But in this new normal of carrying a terminal pregnancy, steadiness was simply not possible. I also do not think it would have been healthy to repress the urges to feel the extremes. Our day-to-day was about living in the present; taking in whatever good, bad or otherwise greeted us in the moment. We learned to toe a narrow line that represented the collective average of this unpredictable oscillation between darkness and light. Dark: A horrible appointment with the NICU doctors where we were reminded of realities of his diagnosis in cold, heartless medical parlance. Light: A light-hearted beach day on Cape Cod with good friends followed by a scoop of the best homemade ginger ice cream I've ever had. Dark: Waking up on Mother's Day knowing that I am going to be a mom to a boy in Heaven. Light: Spending Mother's Day afternoon on Spectacle Island as a family, picnicking, reading and resting on a shaded hill overlooking the Boston harbor. Dark. Light. Dark. Light. And on and on we went. Over time, I gained an understanding of what this place of equilibrium felt like -- seeking out joy without any tinges of guilt amidst this backdrop of sadness.
Every morning for the next three-plus months before I would get out of bed, we turned on the heart monitor and listened to Flicker. His heartbeat became our language; we could hear his, he could here mine. Beautiful. But on July 23rd, there was no heartbeat. I was 27 weeks pregnant, and I was furious. God, you were supposed to give me more time. He was supposed to be born alive. We have been so faithful. We have cared for this life and nurtured it the best we could. We have bonded with him and feel so cheated. Where is the love here?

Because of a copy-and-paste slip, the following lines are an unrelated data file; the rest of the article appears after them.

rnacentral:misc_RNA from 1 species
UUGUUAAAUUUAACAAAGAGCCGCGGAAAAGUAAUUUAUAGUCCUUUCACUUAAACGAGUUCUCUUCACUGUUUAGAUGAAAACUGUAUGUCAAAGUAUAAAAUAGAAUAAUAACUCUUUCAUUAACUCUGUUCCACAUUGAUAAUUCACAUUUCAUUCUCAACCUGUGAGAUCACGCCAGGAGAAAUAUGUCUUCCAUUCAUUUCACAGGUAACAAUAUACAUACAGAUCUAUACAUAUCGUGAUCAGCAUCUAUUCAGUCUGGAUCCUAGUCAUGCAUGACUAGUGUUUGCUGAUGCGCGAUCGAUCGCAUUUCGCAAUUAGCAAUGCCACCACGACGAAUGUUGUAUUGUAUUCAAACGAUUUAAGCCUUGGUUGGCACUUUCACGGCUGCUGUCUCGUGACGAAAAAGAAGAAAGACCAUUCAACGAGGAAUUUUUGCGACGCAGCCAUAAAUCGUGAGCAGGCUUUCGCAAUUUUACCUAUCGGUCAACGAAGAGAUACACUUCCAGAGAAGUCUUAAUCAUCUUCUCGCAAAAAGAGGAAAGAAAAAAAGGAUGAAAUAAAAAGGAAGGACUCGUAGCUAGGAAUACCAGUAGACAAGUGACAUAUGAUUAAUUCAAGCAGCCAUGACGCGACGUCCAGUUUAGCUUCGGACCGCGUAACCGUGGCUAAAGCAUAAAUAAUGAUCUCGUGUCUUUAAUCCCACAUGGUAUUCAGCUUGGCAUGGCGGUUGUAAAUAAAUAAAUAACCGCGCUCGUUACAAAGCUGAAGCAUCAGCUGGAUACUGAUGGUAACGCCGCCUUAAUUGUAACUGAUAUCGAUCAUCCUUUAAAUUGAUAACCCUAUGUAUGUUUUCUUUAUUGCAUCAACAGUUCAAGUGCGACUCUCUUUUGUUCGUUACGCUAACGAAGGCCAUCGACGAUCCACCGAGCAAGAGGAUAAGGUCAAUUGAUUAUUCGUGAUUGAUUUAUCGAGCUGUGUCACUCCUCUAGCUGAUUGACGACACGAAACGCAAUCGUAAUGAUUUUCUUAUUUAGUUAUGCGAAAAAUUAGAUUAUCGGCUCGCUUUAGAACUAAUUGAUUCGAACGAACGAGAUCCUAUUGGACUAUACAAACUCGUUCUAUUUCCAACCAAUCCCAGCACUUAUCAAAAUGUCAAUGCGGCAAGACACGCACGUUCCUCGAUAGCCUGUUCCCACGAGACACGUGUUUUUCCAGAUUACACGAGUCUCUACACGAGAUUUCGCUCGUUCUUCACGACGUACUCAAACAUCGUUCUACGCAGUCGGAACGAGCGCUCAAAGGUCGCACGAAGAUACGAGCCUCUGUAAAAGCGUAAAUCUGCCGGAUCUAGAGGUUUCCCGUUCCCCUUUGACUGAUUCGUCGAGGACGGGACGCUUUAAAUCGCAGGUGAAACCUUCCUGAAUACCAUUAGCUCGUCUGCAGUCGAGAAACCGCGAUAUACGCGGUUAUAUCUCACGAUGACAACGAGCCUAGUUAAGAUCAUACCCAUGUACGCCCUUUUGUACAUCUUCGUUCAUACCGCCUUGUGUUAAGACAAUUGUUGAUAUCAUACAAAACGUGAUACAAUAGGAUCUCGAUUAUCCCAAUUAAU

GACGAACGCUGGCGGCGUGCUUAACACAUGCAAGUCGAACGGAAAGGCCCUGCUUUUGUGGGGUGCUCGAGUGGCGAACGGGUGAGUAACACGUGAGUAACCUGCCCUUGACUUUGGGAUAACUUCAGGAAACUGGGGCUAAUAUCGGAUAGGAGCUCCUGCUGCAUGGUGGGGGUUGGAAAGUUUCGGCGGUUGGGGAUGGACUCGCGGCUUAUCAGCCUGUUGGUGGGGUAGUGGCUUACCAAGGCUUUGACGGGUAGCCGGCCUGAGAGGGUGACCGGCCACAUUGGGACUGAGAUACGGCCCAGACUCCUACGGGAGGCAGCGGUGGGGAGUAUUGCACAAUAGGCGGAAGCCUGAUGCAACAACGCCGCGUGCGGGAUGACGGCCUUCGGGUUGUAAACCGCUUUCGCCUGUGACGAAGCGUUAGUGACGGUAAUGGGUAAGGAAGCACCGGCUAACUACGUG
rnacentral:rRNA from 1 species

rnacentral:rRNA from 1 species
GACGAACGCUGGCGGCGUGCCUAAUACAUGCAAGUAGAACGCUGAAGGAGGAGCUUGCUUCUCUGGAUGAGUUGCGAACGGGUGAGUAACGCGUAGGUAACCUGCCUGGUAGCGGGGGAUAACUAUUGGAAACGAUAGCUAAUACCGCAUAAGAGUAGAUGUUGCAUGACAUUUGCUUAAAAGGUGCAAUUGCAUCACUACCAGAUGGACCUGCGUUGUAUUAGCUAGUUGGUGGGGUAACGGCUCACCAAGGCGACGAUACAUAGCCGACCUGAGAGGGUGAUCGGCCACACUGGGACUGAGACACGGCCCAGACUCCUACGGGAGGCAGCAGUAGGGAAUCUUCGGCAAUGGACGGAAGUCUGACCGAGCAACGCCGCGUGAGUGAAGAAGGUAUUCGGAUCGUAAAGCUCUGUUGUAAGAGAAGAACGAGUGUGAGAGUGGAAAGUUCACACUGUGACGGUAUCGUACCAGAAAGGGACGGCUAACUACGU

But in a point of reflection more than nine months later, I can say that Flicker's death was surrounded by so much love. His delivery was simply miraculous -- there were some very scary potential scenarios, a near guarantee of a complicated c-section and just so many unknowns. But he came so very peacefully, no surgery, no complications. When they brought him to me to hold, it was clear that his earthly body had simply failed him. Had he been born alive, I just know he would have been in extreme pain, which would have been traumatic for both him and me. Instead, he passed away in peace, knowing only the protection of the womb. He would never have to confront bullies or naysayers or doubters. He would only know love. Of course, I have no way of knowing if Flicker felt the love that enveloped him during his brief life, but it gives me peace to imagine that he does. So that is what I am choosing to believe.
Motherhood is wrought with questions: Will he happy? Will he succeed? Will he have my husband's thick hair? Will he play tennis like me? Will he love us? Will he love others? Will he contribute to the good of the world? Will he.....
I experienced the uncertainty of motherhood too, but my narrative is just a little different. I will never get answers to these questions, and will never experience the great gift of watching Flicker navigate through life here. But one unequivocal given in motherhood is that moms love their children, unconditionally. By that definition, I am a mom. Just an invisible one.
Today I wish all moms, invisible or otherwise, a very happy Mother's Day.